Are You a Freelancer? Here’s Why You Should Stop Acting Like One
If you are a freelancer who has been chasing after clients and worrying where to find your next gig even before your current project is completed, then you might be doing the wrong thing. And guess what — before you know it, you’ll risk burning yourself out.
Stop Thinking and Acting like a Freelancer
Some of the most common reasons for burnout among freelancers are the following:
Chasing after clients
- If you’re doing this, you’re not into a freelancing business. You are struggling — struggling to be financially healthy and stable. This is hard because when one project ends, you have to bid again, send a new proposal or wait for a client looking to pay $5 for a service. It feels like starting from scratch every time. This is not only tiring, but also unsustainable.
Dealing with unreasonable clients
- Not all clients and all projects are the same. Nothing can be more frustrating than chasing a client and finding out later that you just got an unreasonable client or a demanding project.
Finding it hard to say ‘no’ to any project
- Sometimes, there are so many “attractive” projects right there on Upwork. So, you keep on proposing or bidding until you realize that there are already so many projects on your plate. You’ve just ended up with so many commitments. This is a surefire way to lose your focus.
Lack of time for yourself
- Let’s admit it — freelancers understand what it means by a downtime or a “dry” season. You probably want to work as much as you can while there are still many projects. The ending? What else but burnout?
Lack of specialization (or niche) in your services
- Just because you can do ‘a lot of things’ doesn’t mean you can offer ‘a lot of services’ to any client. A freelance writer, for example, may be tempted to accept all kinds of writing projects, e.g., copywriting, academic writing, content marketing, competitive analysis, research, social media management, etc. instead of specializing only on one or two fields. All of these types of writing have different requirements and approach, and juggling among all of these may just slow down the completion of any project.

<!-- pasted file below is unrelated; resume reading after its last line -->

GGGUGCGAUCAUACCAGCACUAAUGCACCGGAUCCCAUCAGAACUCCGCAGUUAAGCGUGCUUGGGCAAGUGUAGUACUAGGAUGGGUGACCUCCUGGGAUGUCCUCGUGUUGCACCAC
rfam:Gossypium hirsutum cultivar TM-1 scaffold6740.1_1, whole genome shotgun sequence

While you can take several steps to overcome burnout and stay motivated, totally avoiding it is still the best option. To avoid burnout, consider your freelance career a business. Most freelancers don’t realize this. Why? They’re too busy chasing after clients.
If you want to thrive, take off your freelancer’s hat and wear an entrepreneur’s hat beginning today.
Think and Act Like an Entrepreneur
If you began your career as a full-time employee and later ventured into freelancing, you knew at the beginning that you had also ended your “employee” status that made you come to work at 8 a.m. and leave the office at 5 p.m. As a freelancer, you can get the freedom and flexibility that you want as well as the salary you’ve always dreamed of, but you need to be ready to work smarter, not harder.
“Freelancing is a chance to do great work, a ticket to freedom, a school that trains you to become truly responsible, and a way to make a living by making a difference.” –Seth Godin on Entrepreneur
As a professional freelancer, you must develop an entrepreneurial mindset by being more strategic in your activities. Here are 5 simple ways to do this:
1. Have clearly defined vision, mission and goals
Chasing after clients or sending project proposals after another is not a goal. It only shows that you have no vision or mission. Ask yourself, “Where do I want to be in the future (vision) and what impact do I want to have as a professional freelancer (mission)?”
You can set your own vision and mission by first being clear with your values. You also need to set specific goals. What do you want to achieve in the next year or next three years? Make your goals measurable.
Do you want to gain more clients in the next few months? How many clients? When exactly do you want to achieve it? Perhaps you can say, “I want to gain 100 new clients by June 2017.”
To achieve your major goals, try to break them down into short-term goals. For example, to gain 100 new clients by June 2017, you might need to gain at least 20 new clients each month. You can further break down your short-term goals into tasks by indicating what you will do every day to add at least 5 new customers to your client base once a week.
Tip: Be honest to yourself about where you are now as a freelancer and be clear with where you want to be in the future — do these if you want to thrive in the freelancing industry.
2. Identify your core products or services
You are the CEO of your own freelance business. The main services that you offer to your prospective clients depend on your key skills. So, if you are a freelance writer with an entrepreneurial mindset, your writing and editing skills backed by your technical experience will help you decide which specific services to offer.
Now, you might ask — what if you have several skills, e.g., you can write articles, edit content, create infographics, produce video content, manage social media, use WordPress, do SEO, transcribe audio content, edit photos, etc.? Don’t try to be everything to every client. Identify your core skill sets by combining 2–5 skills that can make you do one specific job effectively and efficiently.